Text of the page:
Last Monday, Colorado Gov. John Hickenlooper unveiled the state’s $26.8 billion proposed budget for next fiscal year. The budget includes $167.2 million in tax rebates for Colorado taxpayers, including $30.5 million in rebates due to total state revenue that was higher than predicted. Under the Colorado Taxpayer’s Bill of Rights (TABOR) the state must either refund the excess amount above the estimate,or add a measure to a future ballot asking the voters to let the state keep and spend the surplus.
The rebates are mandated by TABOR, because the revenue from marijuana sales is different than projections included in the election book for the 2013 Proposition AA. Under TABOR, since the estimate was off, the state has to either refund the excess cash or go to voters to ask if the state can keep it.
The budget proposal was announced one day before the Nov. 4 election that gave Hickenlooper another term. The spending plan includes a 7 percent increase from the current year’s budget, representing $1.7 billion in new spending of state and federal money. $908 million in state spending includes $107 million in additional funds for higher education, $103 million for road projects and a 2 percent pay hike for many state employees.
Colorado’s economy is improving, but much of the new money is due to tax collections exceeding the state’s revenue cap, triggering rebates under TABOR for the first time in 15 years. The provision requires refunds if the revenue is greater than the rate of population growth and inflation. Unless, that is, the voters decide to return the money.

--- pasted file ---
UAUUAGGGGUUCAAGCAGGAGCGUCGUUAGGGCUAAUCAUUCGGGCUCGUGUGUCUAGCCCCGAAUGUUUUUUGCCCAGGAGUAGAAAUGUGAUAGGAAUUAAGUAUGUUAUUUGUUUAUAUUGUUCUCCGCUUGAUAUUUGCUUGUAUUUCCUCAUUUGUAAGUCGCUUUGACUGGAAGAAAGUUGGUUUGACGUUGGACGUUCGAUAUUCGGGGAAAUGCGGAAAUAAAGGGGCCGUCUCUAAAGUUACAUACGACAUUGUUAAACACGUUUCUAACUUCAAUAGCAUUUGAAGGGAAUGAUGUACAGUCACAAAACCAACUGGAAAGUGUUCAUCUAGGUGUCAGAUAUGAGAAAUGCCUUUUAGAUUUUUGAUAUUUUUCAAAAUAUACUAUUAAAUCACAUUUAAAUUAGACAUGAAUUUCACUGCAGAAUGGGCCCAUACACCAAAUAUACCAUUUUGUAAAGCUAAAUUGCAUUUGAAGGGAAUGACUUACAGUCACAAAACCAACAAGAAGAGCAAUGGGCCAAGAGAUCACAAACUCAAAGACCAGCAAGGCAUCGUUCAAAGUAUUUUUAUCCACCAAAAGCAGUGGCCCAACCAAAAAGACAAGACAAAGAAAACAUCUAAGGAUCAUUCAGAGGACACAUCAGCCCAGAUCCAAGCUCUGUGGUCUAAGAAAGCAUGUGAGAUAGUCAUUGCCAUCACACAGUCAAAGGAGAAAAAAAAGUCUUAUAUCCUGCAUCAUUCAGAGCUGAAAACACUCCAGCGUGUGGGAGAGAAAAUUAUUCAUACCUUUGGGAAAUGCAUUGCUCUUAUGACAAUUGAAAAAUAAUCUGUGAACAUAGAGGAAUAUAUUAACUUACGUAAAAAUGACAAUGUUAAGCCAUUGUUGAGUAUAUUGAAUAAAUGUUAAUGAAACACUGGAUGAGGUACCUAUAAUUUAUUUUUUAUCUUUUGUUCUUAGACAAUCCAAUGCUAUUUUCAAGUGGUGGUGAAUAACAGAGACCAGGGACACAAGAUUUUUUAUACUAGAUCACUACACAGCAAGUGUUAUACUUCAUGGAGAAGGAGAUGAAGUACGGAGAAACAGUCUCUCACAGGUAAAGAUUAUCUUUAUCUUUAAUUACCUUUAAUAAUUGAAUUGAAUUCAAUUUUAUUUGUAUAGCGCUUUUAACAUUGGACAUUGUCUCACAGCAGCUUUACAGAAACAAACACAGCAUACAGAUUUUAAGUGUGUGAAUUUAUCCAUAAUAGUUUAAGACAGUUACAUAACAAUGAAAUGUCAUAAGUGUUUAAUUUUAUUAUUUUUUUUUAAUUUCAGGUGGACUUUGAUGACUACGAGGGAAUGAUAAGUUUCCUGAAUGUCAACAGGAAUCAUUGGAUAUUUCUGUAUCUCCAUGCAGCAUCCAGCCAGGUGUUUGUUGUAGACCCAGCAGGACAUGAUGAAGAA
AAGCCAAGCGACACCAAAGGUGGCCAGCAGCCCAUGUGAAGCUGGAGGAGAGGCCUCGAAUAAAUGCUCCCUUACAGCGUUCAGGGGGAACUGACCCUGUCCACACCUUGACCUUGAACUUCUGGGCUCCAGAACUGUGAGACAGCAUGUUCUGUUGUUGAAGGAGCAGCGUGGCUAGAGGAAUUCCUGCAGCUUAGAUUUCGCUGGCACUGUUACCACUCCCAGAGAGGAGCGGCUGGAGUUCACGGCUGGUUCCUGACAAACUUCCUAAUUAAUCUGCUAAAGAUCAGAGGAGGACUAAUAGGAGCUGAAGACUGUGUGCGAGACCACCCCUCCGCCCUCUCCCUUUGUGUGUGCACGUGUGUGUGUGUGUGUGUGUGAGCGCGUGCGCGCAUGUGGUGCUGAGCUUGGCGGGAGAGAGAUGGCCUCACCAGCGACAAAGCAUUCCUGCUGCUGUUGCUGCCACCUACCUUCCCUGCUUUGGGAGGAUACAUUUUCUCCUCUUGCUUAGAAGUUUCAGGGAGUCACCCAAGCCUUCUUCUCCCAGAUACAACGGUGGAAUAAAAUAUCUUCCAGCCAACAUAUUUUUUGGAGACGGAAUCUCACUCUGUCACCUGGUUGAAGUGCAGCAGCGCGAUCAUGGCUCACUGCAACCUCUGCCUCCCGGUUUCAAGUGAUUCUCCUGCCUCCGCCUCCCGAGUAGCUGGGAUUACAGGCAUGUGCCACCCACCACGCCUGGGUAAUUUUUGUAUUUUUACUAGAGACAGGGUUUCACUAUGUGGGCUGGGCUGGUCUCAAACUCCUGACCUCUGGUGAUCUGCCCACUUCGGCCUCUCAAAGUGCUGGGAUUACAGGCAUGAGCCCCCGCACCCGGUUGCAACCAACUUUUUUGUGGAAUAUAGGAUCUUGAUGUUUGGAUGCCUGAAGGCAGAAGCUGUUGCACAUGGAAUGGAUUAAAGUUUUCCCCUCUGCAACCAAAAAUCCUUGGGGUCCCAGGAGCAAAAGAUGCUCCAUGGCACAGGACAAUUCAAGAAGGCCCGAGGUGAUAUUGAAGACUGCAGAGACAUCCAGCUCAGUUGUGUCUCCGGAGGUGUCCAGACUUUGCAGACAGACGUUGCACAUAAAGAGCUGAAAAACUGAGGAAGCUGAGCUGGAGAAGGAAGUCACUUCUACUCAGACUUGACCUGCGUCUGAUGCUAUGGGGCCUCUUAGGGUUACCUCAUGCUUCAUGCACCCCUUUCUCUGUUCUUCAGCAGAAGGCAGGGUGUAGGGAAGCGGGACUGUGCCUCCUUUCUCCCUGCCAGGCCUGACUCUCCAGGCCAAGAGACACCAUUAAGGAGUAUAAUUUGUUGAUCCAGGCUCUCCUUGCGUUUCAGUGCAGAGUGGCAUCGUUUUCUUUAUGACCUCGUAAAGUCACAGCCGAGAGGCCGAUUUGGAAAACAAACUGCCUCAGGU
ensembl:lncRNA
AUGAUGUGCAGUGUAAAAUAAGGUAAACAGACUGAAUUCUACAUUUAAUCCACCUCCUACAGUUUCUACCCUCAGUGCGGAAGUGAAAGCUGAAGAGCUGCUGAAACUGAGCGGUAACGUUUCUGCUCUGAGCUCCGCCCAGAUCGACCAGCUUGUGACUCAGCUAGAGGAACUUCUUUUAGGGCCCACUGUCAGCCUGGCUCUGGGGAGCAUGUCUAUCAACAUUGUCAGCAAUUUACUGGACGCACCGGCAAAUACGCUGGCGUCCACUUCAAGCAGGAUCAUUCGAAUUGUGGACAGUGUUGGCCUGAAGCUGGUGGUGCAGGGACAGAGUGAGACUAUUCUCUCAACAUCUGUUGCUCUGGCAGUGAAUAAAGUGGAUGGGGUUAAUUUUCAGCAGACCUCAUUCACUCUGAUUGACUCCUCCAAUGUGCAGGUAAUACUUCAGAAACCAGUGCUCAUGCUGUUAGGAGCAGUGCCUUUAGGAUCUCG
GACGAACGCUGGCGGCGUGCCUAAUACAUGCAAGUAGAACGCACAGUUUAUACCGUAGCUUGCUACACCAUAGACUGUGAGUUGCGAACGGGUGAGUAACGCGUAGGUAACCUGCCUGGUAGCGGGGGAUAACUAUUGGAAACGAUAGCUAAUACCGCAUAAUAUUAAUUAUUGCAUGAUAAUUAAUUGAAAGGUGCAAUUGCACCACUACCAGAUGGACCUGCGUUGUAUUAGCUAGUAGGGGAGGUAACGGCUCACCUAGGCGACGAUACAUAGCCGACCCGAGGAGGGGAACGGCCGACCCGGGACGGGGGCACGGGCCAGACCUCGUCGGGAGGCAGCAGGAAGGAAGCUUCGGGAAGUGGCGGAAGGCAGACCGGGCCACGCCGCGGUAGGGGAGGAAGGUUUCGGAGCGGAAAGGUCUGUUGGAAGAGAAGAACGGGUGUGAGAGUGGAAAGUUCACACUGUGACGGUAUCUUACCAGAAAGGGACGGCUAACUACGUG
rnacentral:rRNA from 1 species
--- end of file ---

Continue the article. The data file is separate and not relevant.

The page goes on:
Hickenlooper’s budget directs $167.2 million of the TABOR rebate for fiscal year 2015-16 toward a tax credit for low income workers, along with sales tax refunds. He did not address exactly how to rebate the $30.5 million portion for recreational pot taxes, that decision being left to state lawmakers.
The rebate issue became a campaign issue last month when the governor was noncommittal on whether he would endorse a tax rebate, or if he would ask voters for permission to spend it. At a gubernatorial debate Oct. 24 he did commit to a rebate.
Vice Chairman of the Joint Budget Committee Sen. Pat Steadman said the overage is not happening because the taxes are exceeding the estimates, but rather because the economy is growing. Hickenlooper stated that “Colorado’s economic activity continues to outperform the national expansion,” and said looking ahead, the most likely scenario is for that momentum to continue.
Lawmakers have the option to lower excise and sales tax rates on recreational pot to bring the revenue in line with projections, but that would most likely impact $40 in annual excise tax revenue that has been allocated to school construction. Rep. Cheri Gerou, a member of the Joint Budget Committee, said lowering the sales tax rate would mean the state could not take care of K-12 education under BEST, the Building Excellent Schools Today program.
So much of the marijuana revenue is allocated for school construction and reimbursing counties for regulation expenses that it is possible that the cannabis refund would have to come out of the state’s general fund. It is uncertain how the pot tax rebate will be handled, whether it will go to all Colorado taxpayers or only to those who bought recreational marijuana. Gerou said that despite the higher-than-projected revenue, legalized recreational marijuana could actually cost the state money in this first year.
By Beth A. Balen
Image by Bob Keefer – Flickr